- Administration of such a system would be highly inefficient – involving hundreds of billions of individual streams, and hundreds of thousands of artists in the form of micropayments which could be a little as fractions of pence. This would be highly resource and cost intensive (for example in systems development), with significant administrative burden for little relative gain; CMOs would need to pay administer the system which would (as with broadcast) come from the artists’ share. We note that these risks were echoed by Tom Frederikse and Colin Young.
- Evidence from the UK and from other countries demonstrates clearly that the imposition of a collective licensing and regulatory model (through PPL, overseen by the Copyright Tribunal) would have a significant negative impact on the industry’s ability to negotiate arms’ length commercial-value rates for streaming.
- Radio, which is licensed collectively on the basis of ‘ER’, generates much lower payments than streaming. Total royalties to labels and performers from broadcasting in the UK are £85 million, compared to £628 million from streaming.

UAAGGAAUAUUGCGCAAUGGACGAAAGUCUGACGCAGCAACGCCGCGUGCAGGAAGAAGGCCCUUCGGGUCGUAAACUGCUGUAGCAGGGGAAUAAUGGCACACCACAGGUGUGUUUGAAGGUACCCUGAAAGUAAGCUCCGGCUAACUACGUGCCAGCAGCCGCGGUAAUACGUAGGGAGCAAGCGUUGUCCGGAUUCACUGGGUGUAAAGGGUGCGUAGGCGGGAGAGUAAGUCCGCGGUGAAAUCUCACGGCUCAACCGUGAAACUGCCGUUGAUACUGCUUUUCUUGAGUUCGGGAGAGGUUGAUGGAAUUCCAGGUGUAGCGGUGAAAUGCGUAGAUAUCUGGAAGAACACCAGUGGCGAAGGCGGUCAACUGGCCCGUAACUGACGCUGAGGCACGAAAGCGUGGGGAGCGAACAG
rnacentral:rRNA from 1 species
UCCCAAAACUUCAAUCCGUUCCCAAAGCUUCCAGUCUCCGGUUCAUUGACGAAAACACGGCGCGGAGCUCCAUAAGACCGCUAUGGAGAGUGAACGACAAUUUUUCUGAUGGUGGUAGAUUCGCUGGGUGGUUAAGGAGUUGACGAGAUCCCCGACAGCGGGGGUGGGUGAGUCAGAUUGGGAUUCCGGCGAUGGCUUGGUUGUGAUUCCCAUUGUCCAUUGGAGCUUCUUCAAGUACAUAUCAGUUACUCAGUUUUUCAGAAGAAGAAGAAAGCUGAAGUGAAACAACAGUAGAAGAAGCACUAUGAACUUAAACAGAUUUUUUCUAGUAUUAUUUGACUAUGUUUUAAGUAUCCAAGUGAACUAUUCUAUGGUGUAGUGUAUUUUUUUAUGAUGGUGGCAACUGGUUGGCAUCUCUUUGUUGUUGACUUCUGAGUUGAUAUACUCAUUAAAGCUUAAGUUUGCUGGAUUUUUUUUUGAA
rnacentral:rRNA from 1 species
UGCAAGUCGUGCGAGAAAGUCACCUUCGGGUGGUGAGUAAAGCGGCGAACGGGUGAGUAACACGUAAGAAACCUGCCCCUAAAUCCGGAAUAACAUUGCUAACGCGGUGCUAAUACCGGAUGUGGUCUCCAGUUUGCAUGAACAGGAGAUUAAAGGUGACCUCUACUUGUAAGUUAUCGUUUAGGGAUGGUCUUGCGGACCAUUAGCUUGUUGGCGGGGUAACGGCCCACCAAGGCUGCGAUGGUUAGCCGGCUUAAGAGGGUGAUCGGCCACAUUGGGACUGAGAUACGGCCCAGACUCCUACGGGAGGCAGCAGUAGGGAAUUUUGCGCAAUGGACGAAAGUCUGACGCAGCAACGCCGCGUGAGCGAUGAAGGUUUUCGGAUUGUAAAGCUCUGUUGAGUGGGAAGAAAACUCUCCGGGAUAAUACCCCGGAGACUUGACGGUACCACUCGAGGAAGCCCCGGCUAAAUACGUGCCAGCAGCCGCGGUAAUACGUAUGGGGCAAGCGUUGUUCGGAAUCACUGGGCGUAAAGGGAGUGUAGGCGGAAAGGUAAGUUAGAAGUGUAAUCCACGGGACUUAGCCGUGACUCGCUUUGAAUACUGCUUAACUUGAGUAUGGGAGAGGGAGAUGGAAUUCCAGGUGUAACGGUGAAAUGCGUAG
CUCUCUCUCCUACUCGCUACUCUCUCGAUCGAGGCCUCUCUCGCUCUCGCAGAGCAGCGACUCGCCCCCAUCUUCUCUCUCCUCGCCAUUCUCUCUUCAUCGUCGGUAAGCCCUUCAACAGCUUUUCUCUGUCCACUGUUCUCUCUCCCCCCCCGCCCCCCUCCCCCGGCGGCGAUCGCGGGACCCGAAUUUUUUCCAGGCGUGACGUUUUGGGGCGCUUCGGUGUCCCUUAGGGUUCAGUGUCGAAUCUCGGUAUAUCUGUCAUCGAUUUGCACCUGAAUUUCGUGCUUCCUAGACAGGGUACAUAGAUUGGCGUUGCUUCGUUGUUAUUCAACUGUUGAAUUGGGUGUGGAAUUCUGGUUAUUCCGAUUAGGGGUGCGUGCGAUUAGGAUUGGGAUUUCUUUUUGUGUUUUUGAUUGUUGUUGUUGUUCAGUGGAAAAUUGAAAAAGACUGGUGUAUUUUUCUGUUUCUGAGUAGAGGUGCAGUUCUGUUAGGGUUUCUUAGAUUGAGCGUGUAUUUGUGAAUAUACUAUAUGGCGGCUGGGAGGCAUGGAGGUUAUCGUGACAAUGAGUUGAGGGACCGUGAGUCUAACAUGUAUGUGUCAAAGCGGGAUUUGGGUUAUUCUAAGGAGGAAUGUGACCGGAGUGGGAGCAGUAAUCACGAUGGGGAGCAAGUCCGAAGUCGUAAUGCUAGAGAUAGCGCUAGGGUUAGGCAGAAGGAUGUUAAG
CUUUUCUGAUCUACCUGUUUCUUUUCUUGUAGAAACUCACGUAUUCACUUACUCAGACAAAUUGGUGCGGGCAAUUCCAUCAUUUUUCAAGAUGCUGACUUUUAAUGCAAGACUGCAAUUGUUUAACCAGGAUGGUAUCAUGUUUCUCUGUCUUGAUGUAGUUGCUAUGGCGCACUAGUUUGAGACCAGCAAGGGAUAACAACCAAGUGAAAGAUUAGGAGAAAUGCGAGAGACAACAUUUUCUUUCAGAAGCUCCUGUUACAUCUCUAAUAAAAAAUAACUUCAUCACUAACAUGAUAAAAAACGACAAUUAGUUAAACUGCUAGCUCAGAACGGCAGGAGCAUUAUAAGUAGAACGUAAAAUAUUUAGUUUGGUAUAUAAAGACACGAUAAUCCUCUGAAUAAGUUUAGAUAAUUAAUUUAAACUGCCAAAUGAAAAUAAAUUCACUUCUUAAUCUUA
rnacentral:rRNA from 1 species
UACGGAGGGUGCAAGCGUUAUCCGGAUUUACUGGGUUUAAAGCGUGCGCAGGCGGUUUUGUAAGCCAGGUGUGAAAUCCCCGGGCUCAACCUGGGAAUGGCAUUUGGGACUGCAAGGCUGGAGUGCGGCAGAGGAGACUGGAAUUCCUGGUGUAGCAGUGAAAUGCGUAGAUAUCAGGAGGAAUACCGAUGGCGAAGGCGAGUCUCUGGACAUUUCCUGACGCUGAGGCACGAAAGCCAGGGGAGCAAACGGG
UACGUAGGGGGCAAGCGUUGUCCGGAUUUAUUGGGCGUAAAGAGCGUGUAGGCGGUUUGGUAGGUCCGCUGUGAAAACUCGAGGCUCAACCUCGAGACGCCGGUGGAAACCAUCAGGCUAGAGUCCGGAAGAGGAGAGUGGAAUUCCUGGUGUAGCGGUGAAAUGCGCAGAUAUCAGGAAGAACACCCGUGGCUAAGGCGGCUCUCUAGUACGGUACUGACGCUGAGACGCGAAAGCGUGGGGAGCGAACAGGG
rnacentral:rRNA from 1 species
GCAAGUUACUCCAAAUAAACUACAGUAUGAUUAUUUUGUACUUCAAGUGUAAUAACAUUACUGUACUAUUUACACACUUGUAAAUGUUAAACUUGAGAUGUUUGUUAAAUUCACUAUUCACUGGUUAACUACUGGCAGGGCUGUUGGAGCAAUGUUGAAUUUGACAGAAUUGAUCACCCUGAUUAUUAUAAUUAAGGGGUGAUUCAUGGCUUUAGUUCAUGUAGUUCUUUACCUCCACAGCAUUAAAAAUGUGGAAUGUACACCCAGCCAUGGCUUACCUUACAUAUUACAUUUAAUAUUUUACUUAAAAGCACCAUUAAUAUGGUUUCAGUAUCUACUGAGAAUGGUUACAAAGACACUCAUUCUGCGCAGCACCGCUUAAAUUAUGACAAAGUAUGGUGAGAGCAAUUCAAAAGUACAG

- In addition, for each listen to a track by one listener, a featured artist earns more than 20 times as much from a track being streamed on Spotify as they do from someone listening to the same track on Radio 1.
- As a whole, artists would therefore be much worse off if ER were applied to streaming.
- Some established but unrecouped featured artists might believe they could benefit – though it is not clear that this would be the case under ER. However, even if it were to their benefit, it would amount to a transfer of value away from the new generation of talent. This would occur because by paying more to older artists (who are simply much less popular among streaming fans) it would reduce the available revenue to invest into new talent. This would also reduce the competitiveness of the UK market and undermine its future success.
DCMS SELECT COMMITTEE INQUIRY ON THE ECONOMICS OF MUSIC STREAMING - BPI FOLLOW UP BRIEFING NOTES
THE REALITY OF MUSIC STREAMING: ADDITIONAL CONTEXT AND DATA TO CLARIFY MISCONCEPTIONS AND INACCURACIES IN THE DEBATE SO FAR
The DCMS inquiry discussion so far has centred on the claims of specific individual artists and creators rather than considering the overall economics of music streaming and its impact on the whole sector. Accordingly, BPI is providing these supplemental briefing notes to build on and reinforce our original submission and to provide additional information on some of the key themes that have arisen so far. As such, these notes should be read in conjunction with the main submission).